So think about it. What is one simple action you could take every day that will do that for you? If you don’t have any ideas, why not use the step-back approach (it’s one I turn to on occasion for finding a starting place toward a big goal)? Here’s how it works: choose a big goal – something you would like to achieve or a way of living you want to reach. Then ask yourself, what would you be doing just before you reach that end state? And what would you have to do right before that? Keep stepping back to the previous action until you get to where you are today. Then make that first step the one you will choose for this month’s goal.

The January Bucket List Life Dare: Choose a habit that will lead toward a life goal. Practice it today. Then repeat each day for the rest of the month.

Photo by Kate Williams on Unsplash via CC License.

Looking Forward and Back

Dec28LookingForwardHas 2015 been a good year for you? Or a struggle? What can you learn from your experiences this year to make the next one even better? What do you most want to see happen in your life in 2016? If you are serious about living your bucket list dreams, then I invite you to spend time looking forward and back.

The week between Christmas and New Year’s is one of my favorite times of year (next to Christmas itself). Aside from the lull in regular activities during winter break, I love the perspective afforded during the year-end wrap up. I spend time reviewing the past year and celebrating all that has transpired in the past twelve months. And I use both my accomplishments and missteps to plan what I’ll go after in the year to come.

For example, in 2015 we missed out on the trip to Hershey, Pennsylvania that we’d hoped to make because of health struggles for our middle daughter, Katherine. But after a long series of doctors and tests, we did get a diagnosis and successful treatment. Her health is so much better now than it was in January. With this coming on the heels of her sister’s protracted concussion recovery, I learned how to be persistent and stay positive on my kids’ behalf. Hopefully health won’t be an issue for any of us in 2016. And while Hershey isn’t on our list for 2016, we are thinking through what other places we’ll visit.

Early in the year our eldest, Bethany, travelled to Spain on a school exchange trip – and adventure that was both eye-opening and frustrating. But instead of staying mired in all that went wrong, we chose as a family to host another teen from Spain a few months later. And that experience showed us that it is possible to have a successful cross-cultural exchange. In 2016, I want to keep that same attitude of not letting one poor experience prevent any of us from embracing opportunities for adventure, in whatever form.

That’s just a little of what I’m pondering as I look back on 2015 and prepare for 2016. This process, more than any other, makes the biggest difference in my life when it comes to reaching my bucket list goals and helping my family reach their goals. It gives me a grid to evaluate the decisions that will arise in the coming months. I can ask: does this fit what I’m hoping for in this year or not? Will it distract me (or my family) from what we most want to do? Does it help us to become the people we want to be?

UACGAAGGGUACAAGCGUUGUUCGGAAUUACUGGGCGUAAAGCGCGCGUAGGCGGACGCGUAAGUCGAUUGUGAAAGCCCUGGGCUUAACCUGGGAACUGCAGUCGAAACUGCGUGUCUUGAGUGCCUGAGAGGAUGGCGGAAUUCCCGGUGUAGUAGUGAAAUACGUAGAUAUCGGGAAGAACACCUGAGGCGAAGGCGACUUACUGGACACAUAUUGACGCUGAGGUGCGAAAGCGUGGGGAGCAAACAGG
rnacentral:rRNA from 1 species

This process also helps with time management and calendar planning. I go through a brief exercise similar to this one every month for my writing career goals. It shapes my action plan and daily “to do” lists. I can see clearly what next steps I need to take toward realizing my most desired goals. Which allows me to map out my time each day to make sure I continually make forward progress. At the end of the month I always review how I did on reaching my goals before planning goals for the next month.

The other strength in taking time looking forward and back is that you can use it to plan your budget. What bucket list goals did you have to bypass this year because of finances? How could you adjust your spending (or boost your earning) in the next twelve months to make a more costly goal attainable?

Why not join me in a year-end review and planning session? Pull out your favorite pen and a blank sheet of paper. Curl up in a cushy chair, under a cozy blanket with a cup of tea or hot cocoa or a glass of wine. And enjoy both looking forward and back in order to make 2016 a year of bucket list goals achieved! That’s what I’ll be doing this week.

If pouring into your relationships with your spouse and kids is a goal for you in 2016, then I invite you to check out my Udemy course, Build Stronger Bonds Writing Family Bucket Lists. It helps you Build Stronger Bonds Writing Family Bucket Listsbring your family closer, create more camaraderie & make quality memories, using your bucket lists as a springboard. Plus, it’s available for the lowest price right now. Take 60% off registration through 1/1/16 using the code NEWYEAR16.